To put it bluntly, there’s a great disparity between the haves and have-nots. The big countries receive huge payouts from organizers, while the lesser nations do not. There’s been plenty of noise about how Tier Two nations have proven how close they are to joining the big boys – but there’s also been plenty of calls for World Rugby to take further financial steps, with the aim of pushing the game’s have-nots over the final hurdle.

In the Canadian case, professionals like Jamie Cudmore are stuck paying for their own transport back to their playing base – France in his case – as the England 2015 budgeting would only pay for train trips and plane flights, and only if those trips were taken within 24 hours of the end of team’s competition. Cudmore and his Europe-based teammates, several of whom brought family along by car, were told “sorry” when they sought compensation for their trip home, even if those costs were actually cheaper than what RWC organizers were offering.

And it’s not just about players like James Pritchard, DTH van der Merwe, Richard Thorpe, Jebb Sinclair or Tyler Ardron driving back to their club in England or Wales or France from the team’s base in Leicester having to pay from their own pocket. Cudmore said players who wanted to stay on for days or weeks longer, even to enjoy the rest of the RWC, would have to pay for their final trip home themselves as well, as they’d missed the 24 hour window to travel home.

Cudmore said he was shocked by this “no exceptions” treatment. It’s a change from how players were treated from past world cups, he said: “The players need to be treated better as they are the product.” Further, he expressed concern about some of his injured teammates being forced to leave so quickly.


More at the link, but it was certainly overly strict on the part of World Rugby to force it in this way. Even after the Georgia/Namibia game the other day, the 24hr window after that final game for the Georgians to travel home and be covered was before they'd officially been eliminated.

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And while we're at it, thoughts on the Tuilagi suspension? It was initially 5 weeks but now reduced to 3. Just running through the tackle or raising his knee dangerously?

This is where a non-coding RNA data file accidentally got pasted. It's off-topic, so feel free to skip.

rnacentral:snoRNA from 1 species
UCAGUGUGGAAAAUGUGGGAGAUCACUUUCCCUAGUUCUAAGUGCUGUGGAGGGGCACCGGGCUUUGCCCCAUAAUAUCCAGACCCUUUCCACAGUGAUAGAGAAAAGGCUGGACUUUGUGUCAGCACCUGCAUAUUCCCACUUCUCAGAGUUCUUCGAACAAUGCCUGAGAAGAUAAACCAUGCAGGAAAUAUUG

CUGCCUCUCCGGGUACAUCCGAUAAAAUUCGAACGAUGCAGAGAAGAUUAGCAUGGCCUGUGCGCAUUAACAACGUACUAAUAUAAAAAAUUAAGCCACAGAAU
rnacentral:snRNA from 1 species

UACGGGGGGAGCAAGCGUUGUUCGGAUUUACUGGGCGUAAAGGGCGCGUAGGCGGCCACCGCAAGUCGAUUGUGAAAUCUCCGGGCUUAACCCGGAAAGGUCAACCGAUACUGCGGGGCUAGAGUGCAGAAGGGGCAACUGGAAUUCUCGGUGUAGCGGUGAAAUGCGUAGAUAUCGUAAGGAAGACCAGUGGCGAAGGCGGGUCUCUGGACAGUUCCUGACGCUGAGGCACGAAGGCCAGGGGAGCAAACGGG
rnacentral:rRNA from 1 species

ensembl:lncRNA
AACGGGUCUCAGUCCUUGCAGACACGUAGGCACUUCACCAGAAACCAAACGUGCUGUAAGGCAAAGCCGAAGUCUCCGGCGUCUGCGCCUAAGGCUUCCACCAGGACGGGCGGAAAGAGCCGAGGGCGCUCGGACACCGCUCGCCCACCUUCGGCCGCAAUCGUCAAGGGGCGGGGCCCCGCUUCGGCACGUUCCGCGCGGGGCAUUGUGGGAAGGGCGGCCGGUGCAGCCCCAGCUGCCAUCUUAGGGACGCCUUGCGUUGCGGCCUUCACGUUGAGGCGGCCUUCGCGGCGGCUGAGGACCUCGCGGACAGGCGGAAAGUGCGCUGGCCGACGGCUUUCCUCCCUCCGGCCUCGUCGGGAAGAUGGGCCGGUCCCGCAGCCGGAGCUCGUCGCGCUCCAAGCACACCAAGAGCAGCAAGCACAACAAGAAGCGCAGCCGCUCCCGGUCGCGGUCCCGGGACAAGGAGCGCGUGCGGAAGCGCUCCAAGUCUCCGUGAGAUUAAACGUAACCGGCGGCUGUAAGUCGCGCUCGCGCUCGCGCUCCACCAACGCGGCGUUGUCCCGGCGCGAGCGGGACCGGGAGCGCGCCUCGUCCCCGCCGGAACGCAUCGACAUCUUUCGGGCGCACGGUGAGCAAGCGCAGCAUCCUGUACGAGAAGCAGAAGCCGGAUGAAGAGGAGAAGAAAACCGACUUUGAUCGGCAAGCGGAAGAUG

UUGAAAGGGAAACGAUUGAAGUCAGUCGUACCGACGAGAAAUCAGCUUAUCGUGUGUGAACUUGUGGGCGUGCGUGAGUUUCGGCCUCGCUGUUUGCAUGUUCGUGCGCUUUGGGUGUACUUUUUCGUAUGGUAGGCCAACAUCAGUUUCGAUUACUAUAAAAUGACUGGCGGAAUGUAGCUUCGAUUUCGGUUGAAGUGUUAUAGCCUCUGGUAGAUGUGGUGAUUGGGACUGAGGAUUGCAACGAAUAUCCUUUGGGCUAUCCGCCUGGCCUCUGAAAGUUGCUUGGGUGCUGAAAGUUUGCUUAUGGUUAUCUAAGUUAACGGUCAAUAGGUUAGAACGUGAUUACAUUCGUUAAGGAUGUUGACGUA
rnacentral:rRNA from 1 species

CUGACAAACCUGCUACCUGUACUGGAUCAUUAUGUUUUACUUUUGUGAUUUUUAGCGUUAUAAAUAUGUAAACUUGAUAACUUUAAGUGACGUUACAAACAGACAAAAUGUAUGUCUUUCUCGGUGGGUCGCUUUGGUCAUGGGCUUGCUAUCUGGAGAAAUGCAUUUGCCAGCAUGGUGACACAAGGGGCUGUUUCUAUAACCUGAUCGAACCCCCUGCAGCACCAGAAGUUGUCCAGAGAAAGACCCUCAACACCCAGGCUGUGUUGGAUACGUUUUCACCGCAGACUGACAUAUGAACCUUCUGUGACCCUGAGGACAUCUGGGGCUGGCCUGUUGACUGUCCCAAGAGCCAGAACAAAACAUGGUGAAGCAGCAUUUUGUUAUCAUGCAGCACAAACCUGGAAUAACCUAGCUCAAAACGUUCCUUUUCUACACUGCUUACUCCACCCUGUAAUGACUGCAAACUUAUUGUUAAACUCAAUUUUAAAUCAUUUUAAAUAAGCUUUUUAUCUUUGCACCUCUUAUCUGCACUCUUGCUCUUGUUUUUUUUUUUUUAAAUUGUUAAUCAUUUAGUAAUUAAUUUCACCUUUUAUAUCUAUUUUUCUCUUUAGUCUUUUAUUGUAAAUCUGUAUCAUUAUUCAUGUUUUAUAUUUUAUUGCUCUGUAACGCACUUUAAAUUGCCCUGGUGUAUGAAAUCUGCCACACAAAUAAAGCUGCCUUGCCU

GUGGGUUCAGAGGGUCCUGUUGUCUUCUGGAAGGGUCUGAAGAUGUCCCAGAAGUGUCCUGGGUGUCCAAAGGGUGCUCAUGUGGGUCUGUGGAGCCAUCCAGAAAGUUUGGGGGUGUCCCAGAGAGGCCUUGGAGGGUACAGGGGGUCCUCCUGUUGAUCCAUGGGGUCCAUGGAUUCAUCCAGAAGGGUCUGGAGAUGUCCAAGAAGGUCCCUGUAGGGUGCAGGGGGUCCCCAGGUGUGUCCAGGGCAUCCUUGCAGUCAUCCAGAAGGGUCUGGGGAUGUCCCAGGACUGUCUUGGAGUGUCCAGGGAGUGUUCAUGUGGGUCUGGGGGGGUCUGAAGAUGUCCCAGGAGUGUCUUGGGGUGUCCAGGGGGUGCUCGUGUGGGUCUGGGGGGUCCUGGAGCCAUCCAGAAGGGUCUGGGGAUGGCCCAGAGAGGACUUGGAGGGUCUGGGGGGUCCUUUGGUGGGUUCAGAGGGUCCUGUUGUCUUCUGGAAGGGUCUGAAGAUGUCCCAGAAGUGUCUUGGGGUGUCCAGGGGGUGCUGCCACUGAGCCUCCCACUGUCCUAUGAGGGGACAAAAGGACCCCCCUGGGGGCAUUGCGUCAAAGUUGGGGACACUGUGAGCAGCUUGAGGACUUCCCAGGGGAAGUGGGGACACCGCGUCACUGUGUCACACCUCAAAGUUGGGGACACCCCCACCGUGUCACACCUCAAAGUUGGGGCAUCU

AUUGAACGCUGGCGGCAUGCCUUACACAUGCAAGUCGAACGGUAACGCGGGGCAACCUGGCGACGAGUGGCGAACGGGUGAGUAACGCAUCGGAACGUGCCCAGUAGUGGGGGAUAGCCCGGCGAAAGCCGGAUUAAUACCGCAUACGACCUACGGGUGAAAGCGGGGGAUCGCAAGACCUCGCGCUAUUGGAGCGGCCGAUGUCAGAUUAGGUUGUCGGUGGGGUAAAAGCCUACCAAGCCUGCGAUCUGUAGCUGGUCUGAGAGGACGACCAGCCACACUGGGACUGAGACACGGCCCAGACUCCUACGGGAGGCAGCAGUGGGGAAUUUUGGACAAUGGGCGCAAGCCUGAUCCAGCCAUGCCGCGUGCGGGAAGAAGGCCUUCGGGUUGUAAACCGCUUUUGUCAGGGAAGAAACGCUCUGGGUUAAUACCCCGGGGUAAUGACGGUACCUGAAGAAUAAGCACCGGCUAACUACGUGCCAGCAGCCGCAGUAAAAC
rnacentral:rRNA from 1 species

Tuilagi was cited by independent commission Yves Thieffine, a Frenchman, for striking Japan player Harumichi Tatekawa with his knee during Samoa's disappointing 26-3 defeat in Milton Keynes.

The reality is Tuilagi carried the ball into Tatekawa, and the second-five fell backwards. He needed treatment for a shoulder injury soon afterwards but carried on; the incident typical of that played out on countless rugby fields around the world every weekend.

Commentators have made mention of the fact that the act of bumping off would-be defenders was something that turned former All Blacks wing Jonah Lomu into the sport's first big star.

Not surprisingly, Tuilagi denied the act of foul play, but judicial officer Antony Davies, an Englishman, upheld the citing.


Former England captain Lewis Moody tweeted: "I'm appalled Alesana has been banned for 5 weeks. How is running into an opponent an act of foul play. Should we play walking rugby now!!!"

Former Wales flanker Martyn Williams said: "Crazy decision, seriously think by the time we get to the 2023 World Cup it will be a tag rugby tournament."

Ben Kay, a commentator for ITV and a former England forward, said: "I'm all for making our collision sport as safe as possible, but really? World Rugby I suggest you review this decision."

Others have pointed out the fact that England player Tom Wood escaped without sanction after committing a much worse act of violence. Wood made contact with the head of Wales fullback Liam Williams, knocking him unconscious, yet was free to play the next week against Australia.


The touch line angle does show him raising his knee more than you'd see in a normal run - and that's a danger to any player coming in with their head low to tackle around the waist and legs - but we see players quite often look to step over players or do much more dangerous things not even get a citing.